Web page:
Scouting Begins in the Trenton Area
George Washington Council
1937 to December 31, 1998

The following material is taken from the Trenton Historial Society webpage. The best way to access the set of pages is to use your favorite search engine, since the page seems to relocate from time to time. This appears to be part of a booklet written around 1929

The first troop of Boy Scouts was organized at the Y.M.C.A. in 1912 with Gilbert H. Roehrig as scoutmaster. The oldest official record is dated January 16, 1914, when a meeting was called to organize a second class council. The first officers were Dr. W. A. Wetzel, president, William E. Green, vice-president, Owen Moon, Jr., treasurer, Gilbert H. Roehrig, secretary, and William Burgess, Jr., commissioner. The first camp was held on Marshall's Island, August 1 to 9, with Walter L. Hughes as director. Seventy-four boys attended.
 
There were then twelve troops and two hundred boys in the organization. The first council was organized in November 1916, with Samuel Haverstick, president, Dr. Wetzel, James Kerney, General Murray and Samuel Levy, vice-presidents, Howard L. Hughes, secretary, William E. Green, treasurer, J. Connor French, S. E. Kaufman, M. G. Rockhill, D. W. Scammell and J. H. Sines, additional members, D. William Scammell, commissioner, and William Burgess, Jr., scout executive. William D. Durling was elected scout executive on December 28, 1917, and served until his resignation, January 1, 1921. Scouting rose to a high state of efficiency under his leadership. In 1921 W. F. Abriel was elected executive and served until February 1923. In May 1923 E. R. Carrick was elected and is serving at present.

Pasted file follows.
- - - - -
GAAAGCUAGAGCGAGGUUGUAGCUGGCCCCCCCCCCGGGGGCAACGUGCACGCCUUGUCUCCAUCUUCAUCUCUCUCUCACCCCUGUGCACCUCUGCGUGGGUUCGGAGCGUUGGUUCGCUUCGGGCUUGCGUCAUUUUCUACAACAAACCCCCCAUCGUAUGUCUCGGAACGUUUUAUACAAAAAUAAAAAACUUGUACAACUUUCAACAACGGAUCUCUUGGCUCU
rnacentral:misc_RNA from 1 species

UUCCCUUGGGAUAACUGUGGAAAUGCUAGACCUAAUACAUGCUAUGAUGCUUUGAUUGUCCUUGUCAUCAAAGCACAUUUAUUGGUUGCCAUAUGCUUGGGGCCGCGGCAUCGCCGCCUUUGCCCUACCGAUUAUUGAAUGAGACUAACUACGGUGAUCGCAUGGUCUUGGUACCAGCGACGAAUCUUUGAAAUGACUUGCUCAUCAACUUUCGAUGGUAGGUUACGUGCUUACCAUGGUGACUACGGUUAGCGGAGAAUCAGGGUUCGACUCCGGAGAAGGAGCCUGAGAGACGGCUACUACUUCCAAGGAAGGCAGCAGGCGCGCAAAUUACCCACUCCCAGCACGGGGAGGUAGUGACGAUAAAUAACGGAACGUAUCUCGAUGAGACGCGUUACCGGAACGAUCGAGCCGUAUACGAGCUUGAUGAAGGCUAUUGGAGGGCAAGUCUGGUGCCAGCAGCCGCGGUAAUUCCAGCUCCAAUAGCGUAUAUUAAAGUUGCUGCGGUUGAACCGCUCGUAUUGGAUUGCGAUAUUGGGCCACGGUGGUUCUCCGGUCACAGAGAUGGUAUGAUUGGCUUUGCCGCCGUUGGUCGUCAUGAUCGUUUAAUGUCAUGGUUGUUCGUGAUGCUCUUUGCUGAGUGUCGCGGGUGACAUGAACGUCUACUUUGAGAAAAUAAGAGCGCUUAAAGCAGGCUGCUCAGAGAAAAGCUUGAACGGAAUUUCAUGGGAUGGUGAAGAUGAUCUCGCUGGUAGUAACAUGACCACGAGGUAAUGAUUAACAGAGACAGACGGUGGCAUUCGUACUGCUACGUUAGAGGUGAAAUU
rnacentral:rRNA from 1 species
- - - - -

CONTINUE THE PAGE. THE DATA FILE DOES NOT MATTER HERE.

The council owns Camp Pahaquarra on the Delaware in New Jersey, about eight miles above the Delaware Water Gap. It is 1450 acres in area and was once an old copper mine operated in pre-Colonial times by the Dutch (1645-57). It was purchased (1925) by the council for $19,900 and is at present equipped to care for one hundred twenty-five boys per week. The troops are affiliated with the churches, lodges, the American Legion, the Knights of Columbus, the Y.M.H.A., the School for the Deaf, etc., and on January 1, 1928, there were nine hundred Scouts in Trenton (1127 in the County), divided into forty-eight Troops. Boys not old enough to be Scouts may join the Wolf Cubs. In Indian sign-language the sign for "scout" and "wolf" is the same, and therefore junior Scouts are "Wolf Cubs."

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March 9, 2009